Starbucks is no longer requiring its U.S. workers to be vaccinated againstreversing a policy it announced .
In a memo sent Tuesday to employees, the Seattle coffee giant said it was responding to last week's ruling by the U.S. Supreme Court. In a 6-3 vote, the courtor regular COVID testing at companies with more than 100 workers.
"We respect the court's ruling and will comply," Starbucks Chief Operating Officer John Culver wrote in the memo.
Starbucks' reversal is among the most high-profile corporate actions in response to the Supreme Court ruling. Many other big companies, including Target, have been mum on their plans, although some businesses have said they will maintain plans to require vaccinations.
Clothing maker Carhartt, for one, told its employees on Friday that it was, citing the higher health risks faced by unvaccinated people.
On January 3, Starbucks said it would require all employees to be vaccinated by February 9 or face a weekly COVID-19 test requirement.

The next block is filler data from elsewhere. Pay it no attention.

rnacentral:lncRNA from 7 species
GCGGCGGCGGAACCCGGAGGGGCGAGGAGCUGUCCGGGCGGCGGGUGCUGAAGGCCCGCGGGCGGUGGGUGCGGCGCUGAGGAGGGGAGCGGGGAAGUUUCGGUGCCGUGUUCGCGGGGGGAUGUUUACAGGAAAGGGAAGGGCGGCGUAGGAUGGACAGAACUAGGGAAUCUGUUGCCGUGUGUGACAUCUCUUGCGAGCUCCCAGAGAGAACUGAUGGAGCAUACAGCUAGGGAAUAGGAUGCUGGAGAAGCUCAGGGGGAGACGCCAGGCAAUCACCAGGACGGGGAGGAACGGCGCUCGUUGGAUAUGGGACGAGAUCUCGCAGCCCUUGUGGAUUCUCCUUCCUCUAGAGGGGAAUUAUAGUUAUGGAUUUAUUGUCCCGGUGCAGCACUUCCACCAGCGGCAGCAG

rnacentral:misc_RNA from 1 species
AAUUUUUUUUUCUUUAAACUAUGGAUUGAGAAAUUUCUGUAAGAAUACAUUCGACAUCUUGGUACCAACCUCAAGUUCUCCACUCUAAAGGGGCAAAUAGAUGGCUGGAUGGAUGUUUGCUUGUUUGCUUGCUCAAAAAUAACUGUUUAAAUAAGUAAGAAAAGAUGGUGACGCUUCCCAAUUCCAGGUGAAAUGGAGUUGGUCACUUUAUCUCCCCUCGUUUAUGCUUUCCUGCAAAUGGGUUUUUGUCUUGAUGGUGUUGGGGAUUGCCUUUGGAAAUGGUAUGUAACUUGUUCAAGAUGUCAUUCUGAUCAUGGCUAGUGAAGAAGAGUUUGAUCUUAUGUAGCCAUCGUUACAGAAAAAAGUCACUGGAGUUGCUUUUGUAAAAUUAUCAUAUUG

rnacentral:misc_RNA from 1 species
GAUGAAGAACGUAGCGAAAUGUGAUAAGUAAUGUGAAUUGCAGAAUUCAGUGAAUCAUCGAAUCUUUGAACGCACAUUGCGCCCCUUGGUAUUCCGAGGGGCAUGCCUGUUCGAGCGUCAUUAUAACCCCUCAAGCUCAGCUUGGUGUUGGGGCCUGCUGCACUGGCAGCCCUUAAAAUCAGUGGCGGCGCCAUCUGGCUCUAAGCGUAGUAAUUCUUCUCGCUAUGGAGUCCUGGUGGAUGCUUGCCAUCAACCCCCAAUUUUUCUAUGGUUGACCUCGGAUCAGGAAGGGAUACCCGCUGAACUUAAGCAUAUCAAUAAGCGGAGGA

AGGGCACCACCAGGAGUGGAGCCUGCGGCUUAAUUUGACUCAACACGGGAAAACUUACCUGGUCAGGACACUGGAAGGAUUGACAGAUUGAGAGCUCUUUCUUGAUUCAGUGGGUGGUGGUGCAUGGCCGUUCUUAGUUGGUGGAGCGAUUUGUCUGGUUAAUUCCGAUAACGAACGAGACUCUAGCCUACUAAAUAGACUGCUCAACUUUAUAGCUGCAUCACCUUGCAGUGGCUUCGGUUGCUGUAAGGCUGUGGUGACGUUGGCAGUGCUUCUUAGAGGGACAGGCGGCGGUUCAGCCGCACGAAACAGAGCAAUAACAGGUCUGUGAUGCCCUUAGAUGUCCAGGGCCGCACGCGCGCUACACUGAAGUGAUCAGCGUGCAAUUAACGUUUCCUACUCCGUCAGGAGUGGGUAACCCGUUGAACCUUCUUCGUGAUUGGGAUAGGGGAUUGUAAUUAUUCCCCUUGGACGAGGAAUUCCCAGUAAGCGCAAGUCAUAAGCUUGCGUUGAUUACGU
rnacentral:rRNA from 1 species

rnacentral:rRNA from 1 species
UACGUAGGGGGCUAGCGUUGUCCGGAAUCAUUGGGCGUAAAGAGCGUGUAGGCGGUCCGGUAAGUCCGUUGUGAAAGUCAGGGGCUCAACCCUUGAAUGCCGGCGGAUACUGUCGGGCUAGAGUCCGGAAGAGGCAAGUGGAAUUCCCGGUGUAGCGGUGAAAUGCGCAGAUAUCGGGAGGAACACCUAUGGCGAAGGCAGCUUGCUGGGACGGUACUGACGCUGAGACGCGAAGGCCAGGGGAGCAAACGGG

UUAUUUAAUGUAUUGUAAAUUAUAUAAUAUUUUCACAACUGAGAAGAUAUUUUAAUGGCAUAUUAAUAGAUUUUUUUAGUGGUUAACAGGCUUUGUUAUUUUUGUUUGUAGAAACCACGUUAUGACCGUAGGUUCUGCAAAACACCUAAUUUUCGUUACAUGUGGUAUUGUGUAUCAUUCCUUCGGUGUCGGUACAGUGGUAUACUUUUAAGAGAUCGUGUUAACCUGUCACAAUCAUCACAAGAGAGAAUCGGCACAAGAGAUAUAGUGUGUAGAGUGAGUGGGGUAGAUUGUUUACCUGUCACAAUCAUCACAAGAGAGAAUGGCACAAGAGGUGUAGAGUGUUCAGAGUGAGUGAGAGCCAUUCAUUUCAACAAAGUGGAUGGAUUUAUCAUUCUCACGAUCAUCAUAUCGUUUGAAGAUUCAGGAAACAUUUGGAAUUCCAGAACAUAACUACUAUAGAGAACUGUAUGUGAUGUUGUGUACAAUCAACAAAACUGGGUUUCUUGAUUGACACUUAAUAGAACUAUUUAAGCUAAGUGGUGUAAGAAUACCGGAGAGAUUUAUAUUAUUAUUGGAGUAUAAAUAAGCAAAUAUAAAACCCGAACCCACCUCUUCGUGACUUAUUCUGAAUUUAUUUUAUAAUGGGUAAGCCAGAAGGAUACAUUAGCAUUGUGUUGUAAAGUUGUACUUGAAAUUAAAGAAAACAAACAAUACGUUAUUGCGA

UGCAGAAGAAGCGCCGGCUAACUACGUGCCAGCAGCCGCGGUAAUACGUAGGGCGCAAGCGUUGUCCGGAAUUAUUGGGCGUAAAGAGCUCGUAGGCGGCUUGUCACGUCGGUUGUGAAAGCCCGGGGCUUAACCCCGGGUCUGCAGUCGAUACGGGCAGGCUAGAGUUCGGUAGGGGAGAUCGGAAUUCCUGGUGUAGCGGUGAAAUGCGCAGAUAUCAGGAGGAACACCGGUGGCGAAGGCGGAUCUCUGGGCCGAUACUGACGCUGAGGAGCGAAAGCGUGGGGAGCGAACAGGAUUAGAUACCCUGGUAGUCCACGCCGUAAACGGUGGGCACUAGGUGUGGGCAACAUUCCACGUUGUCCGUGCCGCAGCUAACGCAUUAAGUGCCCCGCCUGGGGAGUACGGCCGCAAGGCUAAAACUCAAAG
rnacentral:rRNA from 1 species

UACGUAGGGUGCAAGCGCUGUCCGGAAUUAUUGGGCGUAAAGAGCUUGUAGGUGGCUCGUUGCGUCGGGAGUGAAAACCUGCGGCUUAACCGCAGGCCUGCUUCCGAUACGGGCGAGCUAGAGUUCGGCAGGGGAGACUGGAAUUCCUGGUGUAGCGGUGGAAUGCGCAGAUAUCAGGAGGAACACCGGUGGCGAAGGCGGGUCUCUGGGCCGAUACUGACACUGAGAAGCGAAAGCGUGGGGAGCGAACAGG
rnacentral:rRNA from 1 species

"The vaccine is the best option we have, by far, when it comes to staying safe and slowing the spread of COVID-19," Culver wrote in a letter to employees. "It's concerning to see this new variant has pushed daily COVID-19 case counts higher than the Delta wave at its peak."
Culver said it was the responsibility of Starbucks' leadership "to do whatever we can to help keep you safe and create the safest work environment possible."
In Tuesday's memo, the CEO said the company continues to strongly encourage vaccinations and booster shots. The company also told workers on Tuesday that they shouldn't wear cloth masks to work, and should instead use medical-grade surgical masks.
Starbucks required workers to reveal their vaccination status by January 10. The company said Wednesday that 90% have reported their status and the "vast majority" are fully vaccinated. Starbucks wouldn't say what percentage of workers are not fully vaccinated.
Starbucks employs 228,000 people in the U.S.
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